My Success…What a Mess

I could have been writing

Blogger Fransi Weinstein (Three Hundred Sixty-Five) recently posted: “Yesterday’s Word Press Daily Prompt really caught my eye. The theme? “Success.” “Tell us about a time where everything you’d hoped would happen actually did.” And she did, quite eloquently.

So ok, let me begin by saying I know I’m lucky to have had success in my passion: writing short stories. Let me also say, unlike Fransi, my success has been sketchy, plus I have never made much money at it. In fact, just for fun, let’s do the math:

In-coming:

  • New Millennium Short-Story Story Contest: $1000
  • Illinois Arts Council Fellowship: $5000
  • Illinois Arts Council Grant: $500
  • Some literary mag, don’t remember which: $50 (I’m not counting the copies I received in lieu of payment, the typical literary mag ‘payment’)
  • Part-time teaching adult ed in creative writing: around $300 a semester – yes, 300 – not a typo. (I feel I need to count this, even though I am not a teacher at heart, nor a very good one, but it seemed to be part of my passion while I was doing it.)

Out-going:

  • B.A. (English & Psych) $$$$
  • M.A. (English) $$$$$$$$$$

The total, of course, is a total bust. But who’s counting?

I’m not. Honestly, who regrets getting an education? Especially when loans are finally paid off.  🙂

So, back to the subject at hand: my passion for writing short stories. Long story short, my love of short stories began with J. D. Salinger’s Nine Stories. One read, and I was hooked. Then when I was in college and majoring in Psychology, my love of literature drove me to accumulate hours in English. I just needed a few more hours and I’d have a double major.

Ah, but all that extra reading! Did I have energy and time for it? Then one day I discovered they offered a Creative Writing Workshop. Well, ever since I was a kid, stories seemed to pop into my head. I had written some stories, though none of them had really ‘gone’ anywhere. Still, why not? I thought. What did I have to lose but perhaps my pride? One or two semesters of this, and I’d have my double major.

Looking back, I see it was no accident that I ‘happened’ to choose a college that offered a writing course (in those days, college writing courses were few and far between). And there I met an amazing writing instructor, and ended up writing a story that was published in a fine literary magazine before I graduated.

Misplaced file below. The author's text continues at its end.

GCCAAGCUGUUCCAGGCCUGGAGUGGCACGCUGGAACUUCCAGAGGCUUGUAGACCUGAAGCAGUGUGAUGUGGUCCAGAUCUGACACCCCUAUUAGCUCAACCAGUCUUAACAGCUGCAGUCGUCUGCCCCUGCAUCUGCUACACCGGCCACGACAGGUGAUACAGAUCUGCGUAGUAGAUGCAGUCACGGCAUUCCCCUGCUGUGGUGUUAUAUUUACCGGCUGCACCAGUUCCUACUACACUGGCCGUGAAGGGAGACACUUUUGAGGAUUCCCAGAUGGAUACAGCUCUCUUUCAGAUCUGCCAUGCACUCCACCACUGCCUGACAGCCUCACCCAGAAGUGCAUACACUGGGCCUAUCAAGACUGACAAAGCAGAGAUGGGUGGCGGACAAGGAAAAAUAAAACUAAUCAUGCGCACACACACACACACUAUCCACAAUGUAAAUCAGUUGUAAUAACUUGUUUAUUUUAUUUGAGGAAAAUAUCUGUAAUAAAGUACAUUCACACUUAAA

And here’s where the tale twists. This first published story got a lot of praise. Success, right? Follow the momentum, follow the passion, keep on writing, right? Well before you can dedicate yourself to your passion, you have believe in it.

One part of me always knew I was a writer. Another part of me – well how to put it – was scattered. Not focused. Not sure what to do with this first success, which a large part of me did not really believe I could ever duplicate.

So I directed my energy elsewhere: raising my family, making money, etc. Oh sure, every once in a while, I couldn’t stop myself from writing a story. But despite my early success, these efforts rarely came to anything. And I guess I thought of these writing efforts as just a creative outlet, a pipe dream, or simply an anomaly.

So, that’s the short of it. Although I started making up stories from an early age, I allowed a lack of belief in myself to get in my way. In fact, I didn’t really start focusing on my passion until somewhere in my 40’s when, kids grown, husband removed from the scene, I remembered I had one.

But that’s another story…. 🙂

Buck Up and Take It

 

Rejection Sucks          It hurts. I admit it.

Over the years that I’ve been writing and submitting my stories for publication, I’ve received hundreds if not thousands of rejection letters and emails, and I’m still not immune to the sting of rejection.

I have enough rejections to line the walls of my dining room. Stuff like, “not for us,” “thanks for submitting, but we’ve decided….” or the worst one: “not funny and not fair.” Yikes!

It’s hard enough to put yourself and your work ‘out there.’ Still, rejection comes with the territory. And of course, one can always rewrite (or not) and re-submit someplace else, move the story to an archive file, join a writing group, or simply rationalize: They wouldn’t know a good story if it hit them in the arse.

In my heart of hearts, I’ve never quite believed that once your writing has reached a certain level of competence, it’s a matter of taste. Still, this is what other (more accomplished) writers have been telling me.

And then this happened:

My story 13 Rules recently won first prize in the short-short story writing contest run by  New Millennium Writings. At the same time that I submitted 13 Rules to NMW, I submitted it along with two other flash fictions to Fiction Attic Press. (Yes, multiple submissions are ok, particularly if a publication’s guidelines say it is.)

When 13 Rules won, I was so bowled over I forgot to notify Fiction Attic and withdraw it from their consideration. Bet you can guess what happened next….

A few weeks after I won the NMW fiction contest, Fiction Attic emailed me to say it wanted to publish two of the three flash fictions I submitted – and the one they didn’t want was – ta da! – 13 Rules.

Which just goes to show:

1)    One man’s meat is another man’s poison.

2)    After a certain level of competence, it really is just a matter of taste.

Of course all of us who have had our work rejected are in really good company. Here are 30 famous authors whose works were rejected (repeatedly, and sometimes rudely) by publishers

p.s. Coward that I am, I never did tell Fiction Attic the story they rejected just won 1st prize somewhere else.

🙂